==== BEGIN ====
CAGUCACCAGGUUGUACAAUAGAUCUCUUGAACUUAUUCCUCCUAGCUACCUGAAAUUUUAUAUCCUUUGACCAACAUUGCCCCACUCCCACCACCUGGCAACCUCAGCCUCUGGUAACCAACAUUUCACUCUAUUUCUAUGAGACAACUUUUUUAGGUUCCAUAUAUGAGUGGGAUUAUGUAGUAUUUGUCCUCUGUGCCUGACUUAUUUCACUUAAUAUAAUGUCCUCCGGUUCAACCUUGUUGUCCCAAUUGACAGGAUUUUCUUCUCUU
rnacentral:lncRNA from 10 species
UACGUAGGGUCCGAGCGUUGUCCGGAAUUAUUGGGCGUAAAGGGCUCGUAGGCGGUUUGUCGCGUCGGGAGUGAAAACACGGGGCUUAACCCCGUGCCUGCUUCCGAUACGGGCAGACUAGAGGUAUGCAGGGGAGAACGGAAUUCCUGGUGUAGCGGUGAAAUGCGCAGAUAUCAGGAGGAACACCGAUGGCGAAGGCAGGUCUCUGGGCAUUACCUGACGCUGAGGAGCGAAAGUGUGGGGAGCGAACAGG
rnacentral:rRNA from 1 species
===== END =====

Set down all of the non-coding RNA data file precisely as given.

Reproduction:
CAGUCACCAGGUUGUACAAUAGAUCUCUUGAACUUAUUCCUCCUAGCUACCUGAAAUUUUAUAUCCUUUGACCAACAUUGCCCCACUCCCACCACCUGGCAACCUCAGCCUCUGGUAACCAACAUUUCACUCUAUUUCUAUGAGACAACUUUUUUAGGUUCCAUAUAUGAGUGGGAUUAUGUAGUAUUUGUCCUCUGUGCCUGACUUAUUUCACUUAAUAUAAUGUCCUCCGGUUCAACCUUGUUGUCCCAAUUGACAGGAUUUUCUUCUCUU
rnacentral:lncRNA from 10 species
UACGUAGGGUCCGAGCGUUGUCCGGAAUUAUUGGGCGUAAAGGGCUCGUAGGCGGUUUGUCGCGUCGGGAGUGAAAACACGGGGCUUAACCCCGUGCCUGCUUCCGAUACGGGCAGACUAGAGGUAUGCAGGGGAGAACGGAAUUCCUGGUGUAGCGGUGAAAUGCGCAGAUAUCAGGAGGAACACCGAUGGCGAAGGCAGGUCUCUGGGCAUUACCUGACGCUGAGGAGCGAAAGUGUGGGGAGCGAACAGG
rnacentral:rRNA from 1 species